Our view: Make democracy work for you

The candidate who receives the most votes wins.

That’s democracy. That’s how it is supposed to work, and, for the most part, it does.

What happens when a candidate is unopposed? Just one vote and the candidate wins. It’s happened before. It happened in Kent’s last city council election.

It’s about to happen again. There are eight candidates for the new Undergraduate Student Government running unopposed. That means there are five director candidates and three senator candidates without any opposition. One of those positions is executive director.

That may not sound like a big deal at first. After all, if no one else chose to run, it’s not the candidate’s fault. He or she went around to get the petition signed and turned in all the necessary paperwork.

This is a problem that affects every election that has an unopposed candidate. We focus on the USG election because this directly affects the student body (in other words, you). Just because the person happens to be the only candidate for the position doesn’t mean he or she is right for that spot.

This isn’t easy. The current Undergraduate Student Senate isn’t at fault. They’ve been trying to make this transition work since it passed last spring. Still, it worries us that so few are interested in filling these positions.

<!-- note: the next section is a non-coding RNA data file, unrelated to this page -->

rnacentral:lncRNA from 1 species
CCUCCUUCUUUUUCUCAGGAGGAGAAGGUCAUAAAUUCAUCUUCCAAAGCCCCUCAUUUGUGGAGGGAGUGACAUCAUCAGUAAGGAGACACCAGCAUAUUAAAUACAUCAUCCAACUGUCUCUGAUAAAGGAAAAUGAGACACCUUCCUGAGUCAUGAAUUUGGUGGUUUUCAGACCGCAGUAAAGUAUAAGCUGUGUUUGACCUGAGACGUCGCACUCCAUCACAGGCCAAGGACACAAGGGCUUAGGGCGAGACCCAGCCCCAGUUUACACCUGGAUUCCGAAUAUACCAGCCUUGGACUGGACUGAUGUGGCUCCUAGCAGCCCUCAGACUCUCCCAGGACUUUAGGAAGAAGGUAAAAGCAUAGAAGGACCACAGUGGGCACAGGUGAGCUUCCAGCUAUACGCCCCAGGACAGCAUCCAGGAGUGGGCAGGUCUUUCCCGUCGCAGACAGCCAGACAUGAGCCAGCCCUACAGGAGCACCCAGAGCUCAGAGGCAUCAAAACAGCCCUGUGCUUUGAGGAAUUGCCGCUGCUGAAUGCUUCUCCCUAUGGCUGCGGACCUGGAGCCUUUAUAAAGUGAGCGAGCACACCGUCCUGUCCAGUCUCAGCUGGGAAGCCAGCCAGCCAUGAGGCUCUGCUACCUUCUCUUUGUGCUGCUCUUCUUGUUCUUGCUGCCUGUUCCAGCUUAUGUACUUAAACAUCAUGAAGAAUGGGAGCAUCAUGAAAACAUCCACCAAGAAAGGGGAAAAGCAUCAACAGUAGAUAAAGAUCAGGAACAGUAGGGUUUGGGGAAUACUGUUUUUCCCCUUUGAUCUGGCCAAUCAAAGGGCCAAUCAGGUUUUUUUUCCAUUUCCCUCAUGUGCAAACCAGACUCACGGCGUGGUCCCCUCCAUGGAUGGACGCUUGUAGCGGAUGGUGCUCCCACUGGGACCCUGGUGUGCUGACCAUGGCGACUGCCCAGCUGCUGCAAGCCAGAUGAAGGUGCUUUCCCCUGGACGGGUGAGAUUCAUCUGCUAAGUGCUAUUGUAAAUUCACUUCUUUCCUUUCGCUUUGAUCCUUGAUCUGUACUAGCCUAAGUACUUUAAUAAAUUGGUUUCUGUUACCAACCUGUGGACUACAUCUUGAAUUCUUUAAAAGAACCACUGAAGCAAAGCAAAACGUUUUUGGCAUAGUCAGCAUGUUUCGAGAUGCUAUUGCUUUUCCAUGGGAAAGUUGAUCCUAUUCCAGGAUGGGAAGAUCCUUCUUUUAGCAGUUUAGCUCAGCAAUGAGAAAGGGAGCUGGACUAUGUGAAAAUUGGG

We don’t know each of you individually, only as a whole. We know you are all busy; you have your own problems to deal with. It’s hard for any student organization to attract new members and leaders. USS was no exception. USG isn’t either.

So, keeping low student turnout in mind, why would the previous USS increase the size of student government? Why would they rely solely on students voting when turnout is usually low? Why would they leave this to our current senators to figure out?

There’s nothing we can do to change this, short of voting to go back to the previous government.

The concept itself isn’t bad. Wanting to increase student representation to college administration is a great idea. Students would have a better chance of getting their voices heard if they had someone who had direct contact with the deans and school directors.

These are important positions. They carry a great deal of responsibility. There’s a lot of red tape to cut through and guidelines to follow. It won’t be easy. If someone doesn’t do the job well, it could mean terrible consequences for students.

The best solution to this problem is to make sure you aren’t misrepresented. After the election, keep in contact with your senator and the directors. The colleges are pretty big; they’ll have a lot of students to help. Don’t let yourself get lost in the crowd. Tell them about problems you have that they can help fix or at least point you in the right direction. Let them know if you don’t like what they are doing. Let them know if you do like what they’re doing so they know to continue it.

The point of this is to make sure you participate in the government. If they don’t know what you need, they can’t help you.

The point of a government is to serve the people. You vote them in. Make them work for you.

The above editorial is a consensus opinion of the Daily Kent Stater editorial board.